Mellon Forum: Cara Washington & Kyle Deakins
Davenport seniors Cara Washington and Kyle Deakins presented on their senior projects last week. Cara, a Film & Media Studies major, applied aspects of black film theory to the TV shows Broad City, Crazy Ex-Girlfriend, and Insecure. She fielded questions of racial representation as a solution to TV’s various structural problems and about how well those problems can be solved within a market where producers have to attract subscribers and advertisers. Kyle, a Political Science major, discussed voting behavior in Appalachia. He himself he grew up in rural Pennsylvania. He explained to what extent the “culture explains it better than class” idea is correct and how that idea is getting more correct in the Trump era. He fielded questions about what the Democrats did to lose rural areas and how to maybe get them back.
Mellon Forum: Alex Thomas and Eva Branson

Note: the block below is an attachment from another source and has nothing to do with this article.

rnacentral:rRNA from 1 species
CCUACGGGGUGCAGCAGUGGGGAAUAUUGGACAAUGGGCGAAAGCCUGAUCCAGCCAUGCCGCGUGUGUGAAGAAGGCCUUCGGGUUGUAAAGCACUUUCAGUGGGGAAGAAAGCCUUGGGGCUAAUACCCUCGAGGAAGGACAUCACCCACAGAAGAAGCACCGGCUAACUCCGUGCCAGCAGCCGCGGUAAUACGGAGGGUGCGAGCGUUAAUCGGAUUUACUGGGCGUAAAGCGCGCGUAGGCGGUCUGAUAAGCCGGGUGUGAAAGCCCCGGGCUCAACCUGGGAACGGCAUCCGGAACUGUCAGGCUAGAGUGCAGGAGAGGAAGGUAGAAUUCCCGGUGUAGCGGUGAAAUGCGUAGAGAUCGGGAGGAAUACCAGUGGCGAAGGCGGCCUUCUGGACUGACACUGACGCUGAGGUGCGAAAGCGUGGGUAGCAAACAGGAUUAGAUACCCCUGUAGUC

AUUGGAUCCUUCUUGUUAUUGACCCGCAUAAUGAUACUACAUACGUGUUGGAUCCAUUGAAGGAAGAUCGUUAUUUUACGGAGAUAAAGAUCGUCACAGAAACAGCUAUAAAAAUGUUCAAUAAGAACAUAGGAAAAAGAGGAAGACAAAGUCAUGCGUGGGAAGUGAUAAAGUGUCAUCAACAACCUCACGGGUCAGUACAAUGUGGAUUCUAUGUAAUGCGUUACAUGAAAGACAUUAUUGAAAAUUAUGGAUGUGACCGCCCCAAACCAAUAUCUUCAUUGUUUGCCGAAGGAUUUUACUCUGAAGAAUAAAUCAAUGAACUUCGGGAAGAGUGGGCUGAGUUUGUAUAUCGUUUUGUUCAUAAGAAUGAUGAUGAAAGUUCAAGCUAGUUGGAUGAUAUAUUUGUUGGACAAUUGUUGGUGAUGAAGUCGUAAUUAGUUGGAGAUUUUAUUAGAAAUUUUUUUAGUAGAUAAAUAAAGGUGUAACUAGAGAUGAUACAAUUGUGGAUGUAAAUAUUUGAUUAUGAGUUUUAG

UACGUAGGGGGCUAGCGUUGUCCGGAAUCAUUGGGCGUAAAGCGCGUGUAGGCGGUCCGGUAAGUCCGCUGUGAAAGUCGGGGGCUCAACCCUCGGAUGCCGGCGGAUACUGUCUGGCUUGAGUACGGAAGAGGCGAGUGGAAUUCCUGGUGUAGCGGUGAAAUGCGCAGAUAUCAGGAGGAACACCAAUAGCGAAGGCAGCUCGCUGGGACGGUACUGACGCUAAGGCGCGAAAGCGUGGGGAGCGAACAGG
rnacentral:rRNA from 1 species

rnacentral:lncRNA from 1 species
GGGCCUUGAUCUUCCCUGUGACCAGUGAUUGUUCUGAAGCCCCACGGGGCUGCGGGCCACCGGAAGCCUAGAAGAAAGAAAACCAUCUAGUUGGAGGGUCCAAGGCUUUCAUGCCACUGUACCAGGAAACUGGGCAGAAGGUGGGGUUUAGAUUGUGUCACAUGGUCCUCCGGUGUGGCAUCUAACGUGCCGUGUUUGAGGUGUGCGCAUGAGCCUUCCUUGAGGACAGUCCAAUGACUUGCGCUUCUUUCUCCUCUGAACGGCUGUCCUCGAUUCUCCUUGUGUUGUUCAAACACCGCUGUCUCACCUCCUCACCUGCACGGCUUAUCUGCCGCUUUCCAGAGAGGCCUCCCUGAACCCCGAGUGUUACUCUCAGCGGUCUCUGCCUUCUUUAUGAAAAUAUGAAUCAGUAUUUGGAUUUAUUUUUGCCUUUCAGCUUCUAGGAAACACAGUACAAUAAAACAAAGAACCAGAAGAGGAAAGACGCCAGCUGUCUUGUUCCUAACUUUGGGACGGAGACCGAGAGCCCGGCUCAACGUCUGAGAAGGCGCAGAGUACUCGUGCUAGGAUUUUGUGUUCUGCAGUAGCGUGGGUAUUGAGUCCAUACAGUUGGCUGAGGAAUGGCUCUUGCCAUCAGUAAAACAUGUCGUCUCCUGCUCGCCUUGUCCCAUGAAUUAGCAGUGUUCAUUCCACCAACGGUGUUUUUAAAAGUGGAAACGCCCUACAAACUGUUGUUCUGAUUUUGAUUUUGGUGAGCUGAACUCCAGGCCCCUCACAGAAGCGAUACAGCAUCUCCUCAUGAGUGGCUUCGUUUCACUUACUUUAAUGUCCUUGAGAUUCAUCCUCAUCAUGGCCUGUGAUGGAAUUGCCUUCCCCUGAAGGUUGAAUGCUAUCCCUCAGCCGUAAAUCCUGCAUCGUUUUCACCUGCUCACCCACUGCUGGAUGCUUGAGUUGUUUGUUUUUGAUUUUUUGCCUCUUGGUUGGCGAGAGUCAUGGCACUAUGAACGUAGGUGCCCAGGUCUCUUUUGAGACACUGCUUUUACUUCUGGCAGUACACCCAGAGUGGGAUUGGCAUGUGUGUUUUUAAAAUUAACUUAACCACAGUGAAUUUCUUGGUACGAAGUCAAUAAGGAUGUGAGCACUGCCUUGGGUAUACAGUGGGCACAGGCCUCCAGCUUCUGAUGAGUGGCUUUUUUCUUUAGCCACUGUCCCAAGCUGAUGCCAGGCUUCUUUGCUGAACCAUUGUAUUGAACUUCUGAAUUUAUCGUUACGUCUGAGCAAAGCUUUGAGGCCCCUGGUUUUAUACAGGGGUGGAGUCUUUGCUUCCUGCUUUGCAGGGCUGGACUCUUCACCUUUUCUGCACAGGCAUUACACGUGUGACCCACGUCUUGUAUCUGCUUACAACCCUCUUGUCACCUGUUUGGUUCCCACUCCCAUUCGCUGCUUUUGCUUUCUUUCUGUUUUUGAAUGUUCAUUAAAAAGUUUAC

Davenport seniors Alex Thomas and Eva Branson presented at this week’s Mellon Forum. Alex Thomas, an Astrophysics major, taught us a bit of astronomy and walked us through his thesis research, which he started this past summer with Dr. Gallagher. He has been researching his hypothesis that Nereid and Triton, two of Neptune’s moons, formed by a Pluto-like system colliding with Neptune. To explore this hypothesis, he has used Fortran to produce 3-D orbit trajectories models. He will attend Notre Dame next year for a Ph.D. program in physics, during which he will continue his research in astrophysics. He hopes to make the subject he loves so much more accessible to people through teaching. Eva Branson, a History major, discussed her thesis which looks into the trial of Margaret Garner. Margaret Garner was slave whose story inspired Toni Morrison’s novel, Beloved. Her story brings up dark questions about the horrors of slavery, the Fugitive Slave Act, and sexual violence. Eva’s talk centered around the concept of being forgotten, a theme in Beloved and an important concept in Garner’s story as her trial was forgotten for over 100 years.